How Can We Give Kids a Seat at the Curriculum Planning Table?

kidsThis year, I’ve helped teachers in varied districts adopt or adapt the New York State Curriculum Modules, Domains, and Units for English Language Arts. I’ve helped others design their own curricula as well. Regardless of the approach, I continue to hear great things from the teachers and fellow professional development service providers who are wrapping up their piloting processes and planning to make informed adjustments.

I have to admit, it’s not their feedback that inspires me most though.

It’s what I’m hearing from the kids who were a part of this work.

Many of them loved the books included in the modules. Many of them appreciate the opportunities for authentic writing built into their teacher-designed units. I’m impressed by the teachers who took the time to ask their students how they felt about their experiences, as they were the actual consumers of what most admitted was a much more rigorous curriculum. It’s my overwhelming opinion that these small efforts to engage kids about their curricula aren’t being made often enough. What’s more, it’s very rare for me to witness learners at any curriculum planning table, despite the fact that they are the ones who will be most effected by the decisions made there.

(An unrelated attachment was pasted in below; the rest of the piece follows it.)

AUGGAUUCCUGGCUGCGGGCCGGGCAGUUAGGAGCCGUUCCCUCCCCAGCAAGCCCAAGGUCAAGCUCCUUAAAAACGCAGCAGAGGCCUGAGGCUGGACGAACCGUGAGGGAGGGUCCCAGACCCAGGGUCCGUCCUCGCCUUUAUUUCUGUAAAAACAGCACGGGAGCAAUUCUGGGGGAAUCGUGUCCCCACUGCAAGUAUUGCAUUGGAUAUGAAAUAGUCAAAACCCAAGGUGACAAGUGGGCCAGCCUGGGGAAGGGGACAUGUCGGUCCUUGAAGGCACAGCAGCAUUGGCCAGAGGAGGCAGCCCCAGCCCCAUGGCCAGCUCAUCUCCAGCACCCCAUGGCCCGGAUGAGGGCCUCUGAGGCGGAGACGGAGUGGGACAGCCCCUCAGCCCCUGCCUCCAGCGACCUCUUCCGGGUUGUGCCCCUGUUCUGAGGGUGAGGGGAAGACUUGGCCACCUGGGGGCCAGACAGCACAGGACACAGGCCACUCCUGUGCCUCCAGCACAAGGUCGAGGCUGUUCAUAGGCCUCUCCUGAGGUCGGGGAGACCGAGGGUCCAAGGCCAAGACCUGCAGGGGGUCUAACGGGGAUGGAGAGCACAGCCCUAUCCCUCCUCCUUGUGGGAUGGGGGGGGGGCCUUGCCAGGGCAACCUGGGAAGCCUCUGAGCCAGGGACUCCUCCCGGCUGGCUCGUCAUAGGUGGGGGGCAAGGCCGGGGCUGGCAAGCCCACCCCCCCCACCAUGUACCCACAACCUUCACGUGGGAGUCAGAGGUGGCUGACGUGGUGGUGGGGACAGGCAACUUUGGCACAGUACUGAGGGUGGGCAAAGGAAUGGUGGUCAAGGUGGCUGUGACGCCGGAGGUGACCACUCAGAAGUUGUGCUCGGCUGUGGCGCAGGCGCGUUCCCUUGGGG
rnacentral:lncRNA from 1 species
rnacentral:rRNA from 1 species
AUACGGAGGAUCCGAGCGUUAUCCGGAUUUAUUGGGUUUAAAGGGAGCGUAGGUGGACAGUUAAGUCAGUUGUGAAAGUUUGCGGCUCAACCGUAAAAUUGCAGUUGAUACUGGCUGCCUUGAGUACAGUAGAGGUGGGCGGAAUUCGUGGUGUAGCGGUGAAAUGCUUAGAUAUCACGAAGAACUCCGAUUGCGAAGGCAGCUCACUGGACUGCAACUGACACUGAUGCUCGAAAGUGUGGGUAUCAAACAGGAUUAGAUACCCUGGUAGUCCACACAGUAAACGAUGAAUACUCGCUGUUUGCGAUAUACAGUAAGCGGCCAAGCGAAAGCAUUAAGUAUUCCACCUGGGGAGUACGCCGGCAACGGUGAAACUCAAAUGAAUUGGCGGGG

This is important but tricky work. How do we best accomplish it?

  • Is it possible to survey learners about the content, skills, and instructional approaches that compel them prior to design, at the very least?
  • Could we establish focus groups whose purpose is to brainstorm potential performance based assessment options for future units?
  • What if we invited all learners to reflect on their successes and struggles at each unit’s end? What if we encouraged them to propose adjustments that we could make to instructional practices going forward?
  • What would happen if student representatives designed curricula beside their teachers? How would these students be selected and then, included in the work? It could be powerful to include them in the review process. We could be asking learners to provide feedback prior to revision. Protocols like the ones I’ve included here would ensure that the process was productive and respectful.

These are just a few of the questions rolling around my mind this week, as I gear up for new design initiatives in schools. What else could I consider?

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